The most difficult part for patients and providers, especially providers who don't deal with thyroid cancer all the time, is to realize that in many cases having this cancer diagnosis, an elevated thyroglobulin level, and perhaps a few lesions on a CT scan is not necessarily a reason to start systemic treatment.
The critical piece here is trying to understand the biology. Unfortunately, we don't have all the answers yet to help assign various strategies to individual patients. In a few years, there will probably be a test where we can say, "A patient with this profile, who is BRAF positive or just a pure BRAF mutation, can safely follow this strategy. Others with a different profile should start treatment." Until we have that, we have to rely on the clinical picture and clinical rate of progression and take it from there.
What are some promising advances in thyroid cancer treatment that you expect to see in the near future?
Dr. Lorch: As with other cancers, I think there will be more and more personalized cancer treatment approaches as we learn more about genetics and driver mutations. We see that happening now with BRAF-positive thyroid cancer with the BRAF inhibition strategies. The question will be, how well do these patients do in the long term? Beyond that, there are other targets such as TREC, translocations, or mutations that may be associated with responses to specific inhibitors. I'm sure we'll see a lot more of that.
The other big area where we are going to see improvement is immunotherapy. Right now, we see activity across pretty much all tumor types and I'm sure thyroid cancer is going to be part of that. The data with pembrolizumab and other emerging data suggest that the response rates may not be so high, but the promise of immunotherapy is that perhaps responses might be more durable than with any of the inhibitor therapies that we currently have, which all eventually result in resistance and consequently, treatment failure.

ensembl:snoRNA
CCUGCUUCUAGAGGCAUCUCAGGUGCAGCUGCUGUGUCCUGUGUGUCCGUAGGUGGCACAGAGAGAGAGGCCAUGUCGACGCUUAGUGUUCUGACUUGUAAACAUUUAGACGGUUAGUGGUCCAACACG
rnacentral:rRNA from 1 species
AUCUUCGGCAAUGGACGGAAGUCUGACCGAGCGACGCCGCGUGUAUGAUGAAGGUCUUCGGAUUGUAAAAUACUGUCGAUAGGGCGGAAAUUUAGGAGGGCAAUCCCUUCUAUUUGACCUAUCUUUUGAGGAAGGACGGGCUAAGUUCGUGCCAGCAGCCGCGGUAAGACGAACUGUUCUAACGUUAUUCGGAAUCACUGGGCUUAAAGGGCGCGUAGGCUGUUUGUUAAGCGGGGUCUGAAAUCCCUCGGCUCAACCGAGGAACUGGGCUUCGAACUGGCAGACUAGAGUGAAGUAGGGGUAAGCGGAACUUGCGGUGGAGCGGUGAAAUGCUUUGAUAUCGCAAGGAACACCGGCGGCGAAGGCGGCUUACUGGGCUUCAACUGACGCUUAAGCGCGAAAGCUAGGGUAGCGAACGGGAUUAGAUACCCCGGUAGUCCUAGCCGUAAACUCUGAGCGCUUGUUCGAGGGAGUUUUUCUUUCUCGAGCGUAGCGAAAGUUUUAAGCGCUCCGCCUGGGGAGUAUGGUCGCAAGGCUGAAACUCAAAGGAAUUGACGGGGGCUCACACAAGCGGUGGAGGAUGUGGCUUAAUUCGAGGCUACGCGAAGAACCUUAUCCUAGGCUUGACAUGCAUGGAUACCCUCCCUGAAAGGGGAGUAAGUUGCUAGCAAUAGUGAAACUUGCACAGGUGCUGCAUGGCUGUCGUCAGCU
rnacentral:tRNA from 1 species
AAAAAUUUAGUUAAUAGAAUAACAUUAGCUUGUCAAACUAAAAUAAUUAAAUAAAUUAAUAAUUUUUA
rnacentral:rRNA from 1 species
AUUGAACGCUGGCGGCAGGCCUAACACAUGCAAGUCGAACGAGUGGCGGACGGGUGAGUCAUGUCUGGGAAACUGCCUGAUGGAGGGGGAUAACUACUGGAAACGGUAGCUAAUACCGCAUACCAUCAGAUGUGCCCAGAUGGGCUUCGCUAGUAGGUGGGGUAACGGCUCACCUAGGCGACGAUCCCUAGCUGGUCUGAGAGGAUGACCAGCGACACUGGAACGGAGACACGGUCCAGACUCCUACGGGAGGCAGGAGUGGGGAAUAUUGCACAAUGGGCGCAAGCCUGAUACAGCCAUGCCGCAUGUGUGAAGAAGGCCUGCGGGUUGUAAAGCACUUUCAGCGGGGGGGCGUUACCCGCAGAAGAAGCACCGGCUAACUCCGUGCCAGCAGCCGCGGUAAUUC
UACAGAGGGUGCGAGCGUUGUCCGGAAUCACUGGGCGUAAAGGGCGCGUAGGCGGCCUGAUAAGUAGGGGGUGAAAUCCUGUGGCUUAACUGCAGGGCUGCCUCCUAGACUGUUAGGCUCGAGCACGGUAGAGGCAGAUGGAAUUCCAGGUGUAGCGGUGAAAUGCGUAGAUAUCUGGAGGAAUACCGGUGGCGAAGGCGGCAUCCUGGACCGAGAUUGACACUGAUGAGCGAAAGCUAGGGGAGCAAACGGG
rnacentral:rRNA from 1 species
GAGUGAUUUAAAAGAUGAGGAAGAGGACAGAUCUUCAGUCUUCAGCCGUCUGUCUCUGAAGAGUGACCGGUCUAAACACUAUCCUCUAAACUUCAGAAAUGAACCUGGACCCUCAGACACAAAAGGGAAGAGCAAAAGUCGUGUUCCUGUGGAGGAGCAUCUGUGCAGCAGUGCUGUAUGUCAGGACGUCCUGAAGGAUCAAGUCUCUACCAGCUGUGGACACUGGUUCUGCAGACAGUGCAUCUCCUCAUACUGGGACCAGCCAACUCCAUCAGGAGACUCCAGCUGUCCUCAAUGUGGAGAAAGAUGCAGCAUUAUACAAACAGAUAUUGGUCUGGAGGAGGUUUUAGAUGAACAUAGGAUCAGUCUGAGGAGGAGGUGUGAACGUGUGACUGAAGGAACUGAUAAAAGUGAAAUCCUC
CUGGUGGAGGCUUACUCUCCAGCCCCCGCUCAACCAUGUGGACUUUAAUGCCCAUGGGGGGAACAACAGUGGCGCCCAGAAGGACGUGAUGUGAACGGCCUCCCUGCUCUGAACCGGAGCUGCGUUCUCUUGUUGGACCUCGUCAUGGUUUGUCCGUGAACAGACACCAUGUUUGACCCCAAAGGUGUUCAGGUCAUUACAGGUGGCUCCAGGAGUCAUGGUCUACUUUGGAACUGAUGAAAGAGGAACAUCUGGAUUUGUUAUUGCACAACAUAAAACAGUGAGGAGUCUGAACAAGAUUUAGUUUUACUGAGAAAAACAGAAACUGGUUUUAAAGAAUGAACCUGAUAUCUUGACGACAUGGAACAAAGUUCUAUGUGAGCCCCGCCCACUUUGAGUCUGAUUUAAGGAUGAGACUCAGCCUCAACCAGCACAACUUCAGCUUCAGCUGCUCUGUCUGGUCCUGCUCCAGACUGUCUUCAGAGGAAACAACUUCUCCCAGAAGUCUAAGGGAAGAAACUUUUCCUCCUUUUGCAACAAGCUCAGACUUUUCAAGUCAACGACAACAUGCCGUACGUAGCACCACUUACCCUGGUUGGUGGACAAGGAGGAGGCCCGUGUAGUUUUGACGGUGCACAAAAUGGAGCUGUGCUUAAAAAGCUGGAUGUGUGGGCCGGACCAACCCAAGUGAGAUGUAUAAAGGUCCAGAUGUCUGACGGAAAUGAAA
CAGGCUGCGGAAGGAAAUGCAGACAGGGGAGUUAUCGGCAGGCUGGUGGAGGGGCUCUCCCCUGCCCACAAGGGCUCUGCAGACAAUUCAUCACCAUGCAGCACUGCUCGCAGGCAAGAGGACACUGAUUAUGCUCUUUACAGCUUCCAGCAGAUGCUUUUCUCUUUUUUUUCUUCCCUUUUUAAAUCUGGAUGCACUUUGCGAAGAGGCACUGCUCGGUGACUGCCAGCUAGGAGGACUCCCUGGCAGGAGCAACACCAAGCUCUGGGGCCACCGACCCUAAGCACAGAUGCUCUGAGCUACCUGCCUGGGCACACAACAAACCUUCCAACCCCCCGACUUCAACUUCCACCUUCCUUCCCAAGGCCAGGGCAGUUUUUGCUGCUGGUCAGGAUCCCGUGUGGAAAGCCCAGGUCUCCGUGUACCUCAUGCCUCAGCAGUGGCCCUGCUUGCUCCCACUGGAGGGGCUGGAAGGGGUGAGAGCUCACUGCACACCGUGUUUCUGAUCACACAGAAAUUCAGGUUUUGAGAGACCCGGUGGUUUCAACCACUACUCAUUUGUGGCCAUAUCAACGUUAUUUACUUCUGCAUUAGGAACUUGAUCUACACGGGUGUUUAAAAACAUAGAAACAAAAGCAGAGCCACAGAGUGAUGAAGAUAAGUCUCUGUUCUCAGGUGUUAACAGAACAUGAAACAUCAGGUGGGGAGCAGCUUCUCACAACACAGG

There are going to be a lot of interesting developments in immunotherapy either alone, which is what we happen to be testing here at Dana-Farber, or other combination strategies such as lenvatinib with pembrolizumab, which is another trial that is now starting. Just like with other targeted agents, it's unlikely that we will see across the board activity for any of these things, but hopefully we will be able to identify populations who are particularly susceptible to this approach so we can zero in on specific patients and personalize this treatment even further.
When is it going to happen? Well, some of these approaches are already coming, such as RET inhibitors in medullary thyroid cancer, and perhaps also in papillary thyroid cancer. Immunotherapy, as a field, is still very young and there's a lot of translational work that needs to be done, but eventually we're going to see great improvements, especially in terms of long-term responses. That would be my hope.
Is there anything that you'd like to add for community oncologists who are also managing thyroid cancer?
Dr. Lorch: What I find important with thyroid cancer care in general is that it is a rare disease and many of the general oncologists and endocrinologists probably don't have a lot of experience with advanced thyroid cancer or with more aggressive forms, such as poorly differentiated or anaplastic thyroid cancer. It's important to have a healthy exchange between them and providers at tertiary care centers that specialize in this disease. That also goes the other way around. It's critical for us at these larger centers to approach practitioners in the community with educational materials and with direct contact to make sure that they're comfortable treating these patients, and be good collaborators in that regard.